We line up 10 beer cans in front of a contraption made by Frank. We take the rug off the floor by the stage and Frank meticulously marks out the spot for each can. Then we mark off about 35 feet to the throwing area by the counter.

Wait a second ... I just made a recycle run and we are out of cans again! This means we will need to start over on Friday afternoon. I think we will be OK. I looked for Frank's contraption the other day and couldn't find it because it got brought upstairs at some point, and we cleaned the second and third floor landings in January, and never clean up if you expect to find something later, but we will find it. I think Sheryl knows where it has been put.

You get three throws. Each of the 10 cans is worth one point. The cans are reset after each throw. If you hold a beverage while you throw, you get one bonus point.

Frank won it the first year and it's kind of a fog - store parties can do that to you. But I think he had the angle figured out or something. We use one of Angus' balls and it isn't exactly round anymore, so you have to throw it with spin or something.

We think Frank may have cheated. So we wrote "Shut Up Frank" on the trophy. "Shut Up Frank" is Cori Lyssy's nickname for Frank. She says it a lot, even when he isn't here. BTW, Steve Rees' father made the trophy and it's a thing of beauty.

Pete wins and breaks the trophy.
Then during our Saturday Before Thanksgiving Party, controversy erupted when Pete Magliocco won it. His first throw was very poor and he stepped over the line, and for some reason one of the marshals gave him a replacement throw. This marshal received a lot of wrath for the ruling. Wait. The marshal was ... me. So I screwed up and in a moment of weakness I gave him another chance.

Turns out Pete's total beat my total by one pin, so I ended up screwing myself out of the title. There was a lot of howling and chest beating and threats to call the police (who were already there) until somebody said "It's time for the SoCo toast!" and everybody forgot about it.

Then he broke the trophy. Or somebody did. (It's been fixed by our resident trophy repair person, Steve Rees.) Our memory of the epic store party is a bit ... foggy. If you know what we mean.

I hope you join us Saturday. Bring your top Beer Can Bowling game, because it's bound to be epic again.

Thursday, February 7, 2019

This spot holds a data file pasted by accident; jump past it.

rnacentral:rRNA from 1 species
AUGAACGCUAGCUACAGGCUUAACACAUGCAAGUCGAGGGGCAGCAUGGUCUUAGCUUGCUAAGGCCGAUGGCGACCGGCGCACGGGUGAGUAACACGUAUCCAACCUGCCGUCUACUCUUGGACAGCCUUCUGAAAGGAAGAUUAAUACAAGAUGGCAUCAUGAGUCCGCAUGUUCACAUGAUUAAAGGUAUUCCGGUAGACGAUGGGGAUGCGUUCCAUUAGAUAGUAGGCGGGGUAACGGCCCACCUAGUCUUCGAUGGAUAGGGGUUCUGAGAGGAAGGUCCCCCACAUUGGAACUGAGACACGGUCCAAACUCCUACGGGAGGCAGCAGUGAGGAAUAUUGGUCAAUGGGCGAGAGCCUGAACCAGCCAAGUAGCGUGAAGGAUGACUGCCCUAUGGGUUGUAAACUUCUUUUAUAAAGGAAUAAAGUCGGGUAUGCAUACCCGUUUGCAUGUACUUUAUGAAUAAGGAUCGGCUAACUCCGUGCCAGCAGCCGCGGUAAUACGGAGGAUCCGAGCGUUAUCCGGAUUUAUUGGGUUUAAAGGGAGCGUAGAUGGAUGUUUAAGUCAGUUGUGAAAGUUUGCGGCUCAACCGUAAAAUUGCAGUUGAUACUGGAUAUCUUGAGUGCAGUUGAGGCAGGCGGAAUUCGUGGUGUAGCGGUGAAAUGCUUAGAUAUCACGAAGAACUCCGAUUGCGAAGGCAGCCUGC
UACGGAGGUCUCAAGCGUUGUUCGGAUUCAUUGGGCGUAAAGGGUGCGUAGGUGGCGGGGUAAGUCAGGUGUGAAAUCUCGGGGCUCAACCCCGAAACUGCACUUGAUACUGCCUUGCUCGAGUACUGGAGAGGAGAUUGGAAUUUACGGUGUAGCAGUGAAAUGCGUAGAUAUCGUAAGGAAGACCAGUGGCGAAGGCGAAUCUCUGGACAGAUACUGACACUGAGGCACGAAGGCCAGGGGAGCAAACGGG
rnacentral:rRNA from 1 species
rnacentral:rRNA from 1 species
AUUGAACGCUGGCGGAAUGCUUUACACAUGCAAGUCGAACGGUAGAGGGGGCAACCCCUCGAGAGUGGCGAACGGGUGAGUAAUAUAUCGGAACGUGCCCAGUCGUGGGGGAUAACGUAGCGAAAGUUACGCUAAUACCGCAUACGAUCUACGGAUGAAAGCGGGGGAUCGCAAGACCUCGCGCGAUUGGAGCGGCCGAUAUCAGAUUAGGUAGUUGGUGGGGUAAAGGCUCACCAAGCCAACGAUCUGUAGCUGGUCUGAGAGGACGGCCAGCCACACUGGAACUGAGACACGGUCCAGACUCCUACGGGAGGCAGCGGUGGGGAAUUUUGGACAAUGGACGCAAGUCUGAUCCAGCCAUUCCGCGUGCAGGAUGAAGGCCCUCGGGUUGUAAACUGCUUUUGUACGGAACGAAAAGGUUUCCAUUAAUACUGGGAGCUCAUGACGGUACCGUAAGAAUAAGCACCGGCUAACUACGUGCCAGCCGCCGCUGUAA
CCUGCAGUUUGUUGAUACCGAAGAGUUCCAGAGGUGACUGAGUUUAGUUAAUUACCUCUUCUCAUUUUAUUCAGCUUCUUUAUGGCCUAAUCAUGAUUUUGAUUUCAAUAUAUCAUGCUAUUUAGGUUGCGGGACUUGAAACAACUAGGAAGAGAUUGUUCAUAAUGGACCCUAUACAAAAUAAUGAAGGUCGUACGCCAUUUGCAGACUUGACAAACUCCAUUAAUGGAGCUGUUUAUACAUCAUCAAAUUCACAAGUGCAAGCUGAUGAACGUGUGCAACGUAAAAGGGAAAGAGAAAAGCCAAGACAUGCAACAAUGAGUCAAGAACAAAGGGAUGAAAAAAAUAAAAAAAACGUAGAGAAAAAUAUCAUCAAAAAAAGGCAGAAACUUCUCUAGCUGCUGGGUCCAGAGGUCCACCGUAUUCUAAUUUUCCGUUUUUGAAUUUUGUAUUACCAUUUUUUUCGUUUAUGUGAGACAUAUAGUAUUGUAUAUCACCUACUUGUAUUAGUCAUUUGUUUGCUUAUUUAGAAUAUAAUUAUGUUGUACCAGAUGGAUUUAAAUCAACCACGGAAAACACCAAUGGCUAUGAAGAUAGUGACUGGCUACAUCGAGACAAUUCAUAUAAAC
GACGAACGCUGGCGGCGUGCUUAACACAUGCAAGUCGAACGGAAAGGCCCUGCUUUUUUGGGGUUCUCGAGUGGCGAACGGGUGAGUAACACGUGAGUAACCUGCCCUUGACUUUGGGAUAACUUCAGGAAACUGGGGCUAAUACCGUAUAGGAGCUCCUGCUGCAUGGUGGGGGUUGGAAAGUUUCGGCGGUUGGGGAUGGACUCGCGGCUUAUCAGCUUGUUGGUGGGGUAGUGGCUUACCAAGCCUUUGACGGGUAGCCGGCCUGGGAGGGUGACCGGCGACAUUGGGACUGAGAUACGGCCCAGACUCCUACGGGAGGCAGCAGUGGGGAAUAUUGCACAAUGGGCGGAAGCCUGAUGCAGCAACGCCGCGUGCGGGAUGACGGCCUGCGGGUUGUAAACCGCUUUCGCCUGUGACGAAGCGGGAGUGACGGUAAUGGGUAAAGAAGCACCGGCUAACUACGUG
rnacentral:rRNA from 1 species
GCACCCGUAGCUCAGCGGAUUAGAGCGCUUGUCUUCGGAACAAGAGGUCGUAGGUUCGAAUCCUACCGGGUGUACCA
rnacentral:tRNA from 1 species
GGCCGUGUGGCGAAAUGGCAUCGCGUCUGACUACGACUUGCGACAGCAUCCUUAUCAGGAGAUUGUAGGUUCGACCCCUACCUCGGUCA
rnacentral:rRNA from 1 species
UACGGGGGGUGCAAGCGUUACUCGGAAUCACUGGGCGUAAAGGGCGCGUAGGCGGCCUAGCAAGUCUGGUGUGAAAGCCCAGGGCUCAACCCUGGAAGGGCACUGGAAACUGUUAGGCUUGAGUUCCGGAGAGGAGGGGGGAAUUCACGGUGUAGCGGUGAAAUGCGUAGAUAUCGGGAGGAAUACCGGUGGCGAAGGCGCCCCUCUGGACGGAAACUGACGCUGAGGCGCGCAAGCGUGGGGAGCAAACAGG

Jam session etiquette

WE'LL BE MAKING a lot of noise at our eighth anniversary party a week from Saturday. We plan on a jam session in the store and they are always a blast.

Here's a couple of things to think about when you come on over to hoot and holler ...

1. Bring Your Own: Sure, you might just be stopping by and want to sit in on a few songs, and then it's fine to grab a guitar and jump right in. But taking a new Second String Music guitar off the stand is ... well, we usually have to polish out scratch marks afterwards. If you know you are going to play, why not bring your own guitar? We get the argument that "you are a guitar store so you should let people just play your guitars." True. That happens, and we are fine with it. But we also sell guitars, most are brand new guitars, guitars that have been played a few times but aren't all dinged up. You can't sell a car as brand new if it's been driven a bunch of times.

2. It's Acoustic: We prefer jam sessions without plugging in. It just makes everything easier. Guitar-wise, it's hard to go electric because of cords and volume. We do have some small bass amps that are perfect for jamming the four string.  Jim Percy always brings a fun assortment of percussion stuff to bang on, and it's never too loud.

3. It's For Everybody: Usually there are one or two people who lead the jam session, but if you have a song you want to do, do it! There are all kinds of skill levels and if you just want to strum along a chord at a time, rock on. I encourage all my guitar students to attend and play along because it's a great way to learn and get better. Or just sit and watch. Or just sing along. There are no grades or judges.

4. The Right Songs: It's probably not a good idea to play Bohemian Rhapsody or Carry On My Wayward Son or Close To The Edge or the entire Tommy rock opera. The easier the better, "Three chords and the truth," as Dylan allegedly said. We like all kinds of music, from rock to country to pop to whatever it is kids listen to these days. Good lord, I sound like my parents.

5. Have A Good Time: It's supposed to be fun. Don't worry about what other people think. Just close your eyes, dive in and do it!


Wednesday, February 6, 2019

Eight Is Great story party!



GEESH - HOW THE heck did we make eight years fly by? Second String Music celebrating with our annual store anniversary party on Saturday, Feb. 16, and we hope you can make it.

Above is a video of the legendary Luke Lyter playing a song in our original location at Eighth and Washington. I couldn't think of a more fitting thing to play as we enter our ninth year in business.